No-code web tools are making it easier and easier for anyone to build or edit. Whilst this is fantastic in that it democratises and lowers barriers, it has its drawbacks in the workplace.

In marketing teams, it means roles can end up blurred.

Often, too many people want to edit the company website – because it’s quicker and easier than explaining needs to someone, or following a process. This is especially the case in startups, where team members are often wearing many hats or working with blurred boundaries anyway.

It’s something I notice often as a freelancer and consultant, interacting with client company employees. Processes, whilst creating background efficiency, can feel like friction in people’s day to day jobs. The benefits are not always noticeable to the individual, and so require discipline. As pressure on employees’ increases, that discipline is often the first thing to fail.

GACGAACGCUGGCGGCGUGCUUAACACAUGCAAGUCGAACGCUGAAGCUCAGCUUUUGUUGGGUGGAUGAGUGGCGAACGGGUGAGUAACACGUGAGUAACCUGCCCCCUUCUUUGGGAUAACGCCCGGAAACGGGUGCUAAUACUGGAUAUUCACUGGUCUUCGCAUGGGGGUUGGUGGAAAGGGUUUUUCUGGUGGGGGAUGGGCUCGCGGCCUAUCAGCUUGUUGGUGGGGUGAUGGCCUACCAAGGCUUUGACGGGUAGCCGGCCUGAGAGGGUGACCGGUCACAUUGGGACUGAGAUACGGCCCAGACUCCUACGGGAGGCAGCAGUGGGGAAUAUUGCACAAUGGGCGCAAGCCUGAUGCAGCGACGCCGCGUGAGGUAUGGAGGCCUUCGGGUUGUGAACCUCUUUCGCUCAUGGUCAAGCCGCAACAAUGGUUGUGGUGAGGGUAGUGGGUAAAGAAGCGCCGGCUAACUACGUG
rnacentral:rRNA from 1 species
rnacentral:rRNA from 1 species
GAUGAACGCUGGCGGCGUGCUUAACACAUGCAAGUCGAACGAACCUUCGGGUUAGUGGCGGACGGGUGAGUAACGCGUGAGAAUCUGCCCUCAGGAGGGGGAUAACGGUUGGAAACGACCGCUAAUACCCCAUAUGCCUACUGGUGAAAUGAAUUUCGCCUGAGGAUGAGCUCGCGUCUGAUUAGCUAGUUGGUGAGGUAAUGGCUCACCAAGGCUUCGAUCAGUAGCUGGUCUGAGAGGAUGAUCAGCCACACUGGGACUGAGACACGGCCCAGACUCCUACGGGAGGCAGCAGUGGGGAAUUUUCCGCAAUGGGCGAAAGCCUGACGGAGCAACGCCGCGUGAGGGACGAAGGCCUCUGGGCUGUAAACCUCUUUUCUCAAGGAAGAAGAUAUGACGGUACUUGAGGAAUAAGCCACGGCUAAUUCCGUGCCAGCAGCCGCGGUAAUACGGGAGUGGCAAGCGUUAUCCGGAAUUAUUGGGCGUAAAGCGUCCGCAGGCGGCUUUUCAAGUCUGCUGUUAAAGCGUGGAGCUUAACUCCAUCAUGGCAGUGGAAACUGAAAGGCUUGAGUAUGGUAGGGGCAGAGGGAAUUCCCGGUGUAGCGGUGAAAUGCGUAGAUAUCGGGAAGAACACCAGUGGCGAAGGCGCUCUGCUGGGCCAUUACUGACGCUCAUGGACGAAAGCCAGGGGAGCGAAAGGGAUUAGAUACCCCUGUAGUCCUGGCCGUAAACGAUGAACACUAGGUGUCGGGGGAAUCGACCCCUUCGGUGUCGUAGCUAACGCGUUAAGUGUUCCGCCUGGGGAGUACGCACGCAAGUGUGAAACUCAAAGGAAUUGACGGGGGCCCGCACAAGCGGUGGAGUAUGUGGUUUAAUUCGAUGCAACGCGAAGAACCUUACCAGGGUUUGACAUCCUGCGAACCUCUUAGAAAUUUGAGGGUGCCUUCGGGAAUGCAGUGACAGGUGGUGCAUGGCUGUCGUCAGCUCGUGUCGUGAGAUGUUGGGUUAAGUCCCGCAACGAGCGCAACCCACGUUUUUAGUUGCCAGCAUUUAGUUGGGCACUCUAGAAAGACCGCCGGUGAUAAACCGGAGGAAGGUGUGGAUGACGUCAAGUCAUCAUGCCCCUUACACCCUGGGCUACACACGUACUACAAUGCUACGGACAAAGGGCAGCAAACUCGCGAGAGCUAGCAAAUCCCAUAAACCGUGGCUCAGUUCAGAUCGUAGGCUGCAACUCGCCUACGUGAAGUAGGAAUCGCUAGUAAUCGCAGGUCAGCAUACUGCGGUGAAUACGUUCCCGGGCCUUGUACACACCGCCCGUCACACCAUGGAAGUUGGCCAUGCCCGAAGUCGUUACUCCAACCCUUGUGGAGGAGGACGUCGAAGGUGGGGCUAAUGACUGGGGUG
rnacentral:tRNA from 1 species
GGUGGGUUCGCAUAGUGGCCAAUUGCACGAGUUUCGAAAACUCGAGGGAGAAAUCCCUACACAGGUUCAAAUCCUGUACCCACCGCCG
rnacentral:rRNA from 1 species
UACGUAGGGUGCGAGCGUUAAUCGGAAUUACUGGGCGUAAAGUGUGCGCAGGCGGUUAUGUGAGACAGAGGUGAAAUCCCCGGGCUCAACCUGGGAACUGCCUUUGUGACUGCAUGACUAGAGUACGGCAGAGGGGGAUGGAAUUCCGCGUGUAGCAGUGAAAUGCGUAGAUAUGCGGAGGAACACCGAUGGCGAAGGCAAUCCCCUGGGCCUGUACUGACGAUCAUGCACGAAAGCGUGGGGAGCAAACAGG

All of this can result in a messy, disjointed or inneffcient website. Especially as a young company grows.

One benefit of Webflow as a platform, is you can keep a little bit of separation between internal stakeholders and publishing capability. This is because it has a slightly more technical interface and structure. It may be no-code, but it's routed in HTML and CSS. Without knowing those, you're probably not editing correctly. Of course, you can set people up with the Editor instead of the Designer, but this is quite limited and doesn't always satisfy people used to editing on platforms like WordPress, say in a previous role.